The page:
The taxi turns onto the embankment, and there is the sun rising up out of the river, glazing the water pink and silver. I lift my head, my hair against my bare shoulders enough to set my skin tingling again. I squeeze Paul’s arm, and he squeezes mine back. I’m not tired even though we’ve danced nearly non-stop, apart from the half hour he was wrapped around the French guy with the Elvis lips.
There gets to a point in nights like these where we don’t need words any more; we follow each other’s energy, up, down; taking a break to sit and drink a beer together, waiting for the right music to carry us back up. Our dancing forms our conversation as we orbit each other, pulling the crowd around us like gravity, and people stare and wonder if we’re a couple. We’re still up there now, feeling loved, lucky, invincible. We marvel in silence at the dawn as it creeps along the river, turning glass and steel and stone into gold.
The cab turns at the bridge and we head south through the sleeping city towards Paul’s flat. We’ll carry on dancing around his tiny living room, or wrap ourselves under a duvet on the sofa and smoke while we relive the night; the people we kissed and talked to and danced with, the music and the sound system, whether it was as good as last weekend.
Hey, why don’t we walk the rest of the way, I say, and Paul grins yes. I tell the driver to keep the change, even though I don’t get paid until next Friday. I don’t wait for a reply, running to catch up with Paul. You hungry, I shout? Nah, me neither.
We turn the corner of his street and he’s straight up onto the roof of a rusting yellow Volvo, hands in the air, swivelling his hips and dancing the same dance he’s danced all night; the one I want him to dance forever. I whoop up at him, mirroring his moves down on the pavement.
Parked in front of the Volvo is a motorbike, a big silver and black beast. Paul springs onto the seat and manages half a pirouette before it topples, and he jumps clear as it crashes to the ground. We freeze and clap our hands to our mouths, then try to heave it upright but it’s hopeless, it weighs a ton. I catch Paul’s eye and that’s it, we’re doubled up laughing.
Next along is a flashy black 4x4, but as soon as Paul’s foot’s on the bonnet the alarm goes off. He carries on over to a little silver hatchback so old it doesn’t have an alarm. He reaches down to help me up. You’re nuts, I say, I’m not getting up there!
He dismisses me with a swish of his hand and spins and struts to an imaginary crowd in the road, suntanned arms making his vest look even whiter. He wears a new one every time he goes out, wouldn’t be seen dead in the same one twice. Paul O’Malley, you’re bad for the planet, I yell, chasing him as he skips off the car and down the street. I’m the best fucking thing that ever happened to this planet, he shouts back over his shoulder.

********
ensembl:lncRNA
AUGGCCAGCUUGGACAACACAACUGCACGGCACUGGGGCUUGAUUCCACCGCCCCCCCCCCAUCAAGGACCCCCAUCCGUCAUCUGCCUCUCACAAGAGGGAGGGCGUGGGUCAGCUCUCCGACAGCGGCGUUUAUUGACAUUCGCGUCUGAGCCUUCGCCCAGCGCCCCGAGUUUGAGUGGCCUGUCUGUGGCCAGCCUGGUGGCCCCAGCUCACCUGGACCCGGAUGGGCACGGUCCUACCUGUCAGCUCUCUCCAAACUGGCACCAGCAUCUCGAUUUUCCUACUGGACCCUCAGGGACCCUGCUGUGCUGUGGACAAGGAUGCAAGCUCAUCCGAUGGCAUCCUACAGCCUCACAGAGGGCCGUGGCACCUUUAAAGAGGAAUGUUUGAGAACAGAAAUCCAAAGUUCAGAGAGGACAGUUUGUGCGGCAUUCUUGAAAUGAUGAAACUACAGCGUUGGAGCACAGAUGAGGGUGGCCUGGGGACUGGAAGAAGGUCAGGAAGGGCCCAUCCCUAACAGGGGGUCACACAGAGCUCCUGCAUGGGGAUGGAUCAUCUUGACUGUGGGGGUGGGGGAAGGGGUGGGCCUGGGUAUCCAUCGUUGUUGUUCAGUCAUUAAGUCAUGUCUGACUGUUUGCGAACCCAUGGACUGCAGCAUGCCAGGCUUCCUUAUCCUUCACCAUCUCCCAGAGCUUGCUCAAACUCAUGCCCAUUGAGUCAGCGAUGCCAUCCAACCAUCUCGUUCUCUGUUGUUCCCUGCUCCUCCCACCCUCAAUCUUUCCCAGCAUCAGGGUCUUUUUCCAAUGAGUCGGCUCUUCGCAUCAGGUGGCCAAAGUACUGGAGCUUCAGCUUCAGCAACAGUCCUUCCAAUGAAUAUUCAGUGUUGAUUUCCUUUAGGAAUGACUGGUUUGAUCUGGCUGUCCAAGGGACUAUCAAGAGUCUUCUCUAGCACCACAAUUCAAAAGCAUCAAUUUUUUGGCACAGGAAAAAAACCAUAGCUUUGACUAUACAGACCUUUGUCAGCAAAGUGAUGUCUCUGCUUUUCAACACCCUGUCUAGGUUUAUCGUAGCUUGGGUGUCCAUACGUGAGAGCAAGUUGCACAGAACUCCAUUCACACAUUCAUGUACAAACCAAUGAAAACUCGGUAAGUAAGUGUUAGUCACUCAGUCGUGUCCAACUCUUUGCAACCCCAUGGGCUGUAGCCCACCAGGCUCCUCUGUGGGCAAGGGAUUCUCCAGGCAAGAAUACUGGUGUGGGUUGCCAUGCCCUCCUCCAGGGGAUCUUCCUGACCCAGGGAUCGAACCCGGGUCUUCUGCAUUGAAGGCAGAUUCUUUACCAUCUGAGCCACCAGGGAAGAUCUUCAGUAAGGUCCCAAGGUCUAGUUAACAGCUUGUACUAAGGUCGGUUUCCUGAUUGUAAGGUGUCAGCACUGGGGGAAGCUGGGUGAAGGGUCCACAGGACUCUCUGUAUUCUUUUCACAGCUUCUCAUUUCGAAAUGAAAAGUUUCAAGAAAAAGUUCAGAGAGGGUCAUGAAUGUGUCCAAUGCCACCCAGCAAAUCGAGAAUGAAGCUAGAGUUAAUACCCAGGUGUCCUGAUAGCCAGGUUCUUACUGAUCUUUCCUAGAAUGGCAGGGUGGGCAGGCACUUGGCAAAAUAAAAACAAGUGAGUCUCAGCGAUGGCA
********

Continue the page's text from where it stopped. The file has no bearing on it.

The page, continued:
I pause for breath in front of one of the terraced houses, coughing from the pack of cigarettes we’ve smoked. The car alarm rises and falls; all it needs is a bassline beat and I could dance to it. Someone at the front window bangs on the glass and I wave and shrug. I’m searching my pockets for any cigarettes left when the front door opens. A woman in pyjamas, a grizzling baby on her hip. Ten years older than me perhaps, but they may as well be light years. She’s dancing her own peculiar dance, dipping and swaying to keep the baby in perpetual motion. Her eyes are wide and staring, but not like ours; something desperate in them, like a taunted animal’s.
Would you shut. The fuck. Up, she says, through clenched teeth. Please, she adds, jamming the baby onto the other hip, I only just him got him to sleep. It wails louder. Oh, sorry, we’re just… I want to explain that we’re on our way home, that our night hasn’t finished yet; that we’re feeling golden, like the morning.
The baby’s face is one big red rash, wet with snot. What’s the point of trying to explain? I’m about to turn and go but something in her expression holds me there by the lopsided front gate. We face each other across the short tiled path. I can see past her to a kitchen draped in laundry at the end of the narrow hall. I watch her scan me, my sequinned trainers and torn tights, the glitter and mascara that’s probably smudged in black rings underneath my eyes. Does she see I’m determined I’ll never be her? At first I think it’s envy in her face. But it’s scorn in the curl of her lip, tinged with something else I don’t try to name.
A small current of cold travels through me and sends a ripple through the fabric of the night, or the morning or whatever it is now. The car alarm is just a loud noise; warning, laughing, relentless. Whatever I was going to say is lost, and the woman shakes her head and closes the door.
Where is Paul? I want to mimic her demented dancing with that snot-covered baby, and hear him laugh and say that’ll never be you though Kat, imagine!
He’s at the end of the street, leaning against the shutter of the corner shop below his flat. I get the moves ready, but when I reach him he’s slid down onto his heels, a streak of grime on his vest. I turn and look back at the empty street. I can’t tell from here which is the house with the lopsided gate. The dawn sky has whitened into a pale layer of cloud. Come on, Paul, I say. Let’s get indoors, watch some trash TV.
ANTHEA MORRISON has an MA in Creative Writing from Royal Holloway University, and has had stories published online at The Londonist, Notes From The Underground, and Reflex Fiction. Her story ‘You Have What You Want’ appeared in the print anthology Words and Women: Two in 2015. She was the winner of the Margaret Hewson Memorial Prize in 2015, and winner of the Finchley Literary Festival and Greenacre Writers Short Story Competition in 2016. You can find her on Twitter at @antheamorrison